If you are an employee who has been offered a voluntary redundancy, it is vitally important that you understand all of the options available to you and the consequences of the decisions that you make.
Voluntary redundancies are different for every individual. We have worked with many companies and their staff in these scenarios, and we have yet to come across the same situation twice. However, the question that is always asked (and should always be asked) by the employee is – is this right for me?
In all voluntary redundancy situations, personal circumstances need to be considered to decide whether taking the redundancy is right for them or not. This is different in almost every single case we have dealt with. There are a few things to consider in relation to before you leave and just after you leave your job.
Before you leave
Your redundancy calculations may include what is known as an increased exemption of around €10,000. You need to know what your pension is worth and make sure you know the future impact if you accept an increased exemption from your employer.
Accepting an increased exemption will waive the future entitlement for you to receive a tax-free lump sum. This tax-free lump sum would be about 25% of your pension fund at retirement.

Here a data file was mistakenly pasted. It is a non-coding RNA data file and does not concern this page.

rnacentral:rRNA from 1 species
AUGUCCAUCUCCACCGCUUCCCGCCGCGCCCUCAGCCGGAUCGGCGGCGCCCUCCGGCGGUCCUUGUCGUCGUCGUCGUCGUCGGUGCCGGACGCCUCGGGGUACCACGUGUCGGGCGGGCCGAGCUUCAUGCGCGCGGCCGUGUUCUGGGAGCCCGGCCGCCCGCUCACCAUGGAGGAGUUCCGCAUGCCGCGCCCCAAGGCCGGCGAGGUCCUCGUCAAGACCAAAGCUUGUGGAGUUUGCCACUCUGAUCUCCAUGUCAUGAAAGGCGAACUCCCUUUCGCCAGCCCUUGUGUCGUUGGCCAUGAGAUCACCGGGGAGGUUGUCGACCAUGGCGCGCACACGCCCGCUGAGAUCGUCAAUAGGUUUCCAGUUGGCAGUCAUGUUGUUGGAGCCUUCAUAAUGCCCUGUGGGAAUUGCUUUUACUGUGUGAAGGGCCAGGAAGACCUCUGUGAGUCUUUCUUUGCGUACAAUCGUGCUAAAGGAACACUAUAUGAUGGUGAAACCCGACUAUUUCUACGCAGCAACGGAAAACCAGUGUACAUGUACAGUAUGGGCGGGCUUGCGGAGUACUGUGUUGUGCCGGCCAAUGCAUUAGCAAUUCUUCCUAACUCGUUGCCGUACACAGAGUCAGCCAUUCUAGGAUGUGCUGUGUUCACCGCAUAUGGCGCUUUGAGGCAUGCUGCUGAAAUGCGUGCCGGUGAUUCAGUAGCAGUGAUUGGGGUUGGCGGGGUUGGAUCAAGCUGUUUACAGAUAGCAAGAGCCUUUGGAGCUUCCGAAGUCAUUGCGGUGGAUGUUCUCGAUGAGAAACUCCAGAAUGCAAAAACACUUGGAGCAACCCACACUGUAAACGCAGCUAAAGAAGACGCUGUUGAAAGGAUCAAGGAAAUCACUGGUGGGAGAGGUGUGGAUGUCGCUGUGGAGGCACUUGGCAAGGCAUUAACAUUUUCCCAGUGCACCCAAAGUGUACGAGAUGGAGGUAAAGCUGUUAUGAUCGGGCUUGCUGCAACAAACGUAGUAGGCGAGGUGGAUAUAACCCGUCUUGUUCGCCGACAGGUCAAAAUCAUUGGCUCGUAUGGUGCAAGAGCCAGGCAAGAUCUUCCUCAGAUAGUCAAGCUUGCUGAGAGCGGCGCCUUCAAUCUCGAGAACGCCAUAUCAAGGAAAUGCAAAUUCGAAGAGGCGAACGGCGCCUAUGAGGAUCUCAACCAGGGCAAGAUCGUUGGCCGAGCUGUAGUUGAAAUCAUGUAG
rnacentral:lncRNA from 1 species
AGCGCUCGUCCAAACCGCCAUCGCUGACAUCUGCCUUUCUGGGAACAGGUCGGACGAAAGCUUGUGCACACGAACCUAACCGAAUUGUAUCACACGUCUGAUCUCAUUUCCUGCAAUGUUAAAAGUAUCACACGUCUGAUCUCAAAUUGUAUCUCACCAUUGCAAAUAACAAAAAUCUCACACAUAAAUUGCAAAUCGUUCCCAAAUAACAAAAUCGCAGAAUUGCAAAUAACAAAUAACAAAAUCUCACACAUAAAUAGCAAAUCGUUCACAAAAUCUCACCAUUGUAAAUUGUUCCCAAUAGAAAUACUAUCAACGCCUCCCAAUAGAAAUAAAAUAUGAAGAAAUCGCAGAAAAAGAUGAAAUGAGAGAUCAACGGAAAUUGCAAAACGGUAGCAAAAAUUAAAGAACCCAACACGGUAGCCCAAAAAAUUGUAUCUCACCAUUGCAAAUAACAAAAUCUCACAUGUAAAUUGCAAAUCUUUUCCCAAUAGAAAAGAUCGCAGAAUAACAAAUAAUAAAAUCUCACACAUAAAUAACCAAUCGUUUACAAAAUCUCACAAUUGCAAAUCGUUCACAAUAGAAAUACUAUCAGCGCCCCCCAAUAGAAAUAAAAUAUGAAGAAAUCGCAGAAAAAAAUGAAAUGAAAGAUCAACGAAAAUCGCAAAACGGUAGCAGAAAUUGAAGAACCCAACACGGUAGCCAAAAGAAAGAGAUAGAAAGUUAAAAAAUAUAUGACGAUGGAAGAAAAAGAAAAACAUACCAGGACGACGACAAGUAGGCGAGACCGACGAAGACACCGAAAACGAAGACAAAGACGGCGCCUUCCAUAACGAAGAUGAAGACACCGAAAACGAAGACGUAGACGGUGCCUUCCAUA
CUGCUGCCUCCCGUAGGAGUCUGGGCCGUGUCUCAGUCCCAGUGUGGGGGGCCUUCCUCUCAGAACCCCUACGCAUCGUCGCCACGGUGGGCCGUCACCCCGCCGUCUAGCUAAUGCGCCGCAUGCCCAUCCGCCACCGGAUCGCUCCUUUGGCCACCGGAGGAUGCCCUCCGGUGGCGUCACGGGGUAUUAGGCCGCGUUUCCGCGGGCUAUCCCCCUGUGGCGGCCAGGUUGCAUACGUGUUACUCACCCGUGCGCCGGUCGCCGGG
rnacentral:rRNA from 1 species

Proceed with caution on this as we have had clients that received inappropriate advice leading them to accept an increased exemption when only a few years later the amount they could have received as a tax-free lump sum exceeded the short-term gain when being made redundant. This pension fund was worth over €500,000 so they would have received a lump sum of €115,000 – they accepted €10,000 on redundancy forgoing the €115,000 in retirement.
After you leave
Once you do take your redundancy, it is important that you use that money wisely and make smart financial decisions. Of course, go spend some of it on the holiday of a lifetime or whatever it is you want to do, but be sure to use the rest of the money intelligently.
A lot of people will try to clear as much of their mortgage as possible right away. While this is understandable, it is not always the best use of your money. For example, if you received a redundancy payment of €60,000, you could use it to pay down your mortgage which is probably costing you less than 3% interest each year. Or you could invest it, where you could expect to get between 4% and 6% each year if done right.
If you choose to pay down your mortgage, you are not reducing the monthly repayment amount in most cases. You are just cutting the term of the mortgage. The burden of paying your mortgage is understandable, but once it’s done you may have used all your money. What happens if you are unable to work at some point in the future? By keeping the money invested, you’re giving yourself the opportunity to have money built up for that rainy day. If paying off your mortgage is your highest priority, by all means, go for it. Just understand that there are better options for you.
If you are facing a voluntary redundancy situation and need financial advice, call us on 025-30588 or book a complimentary chat here.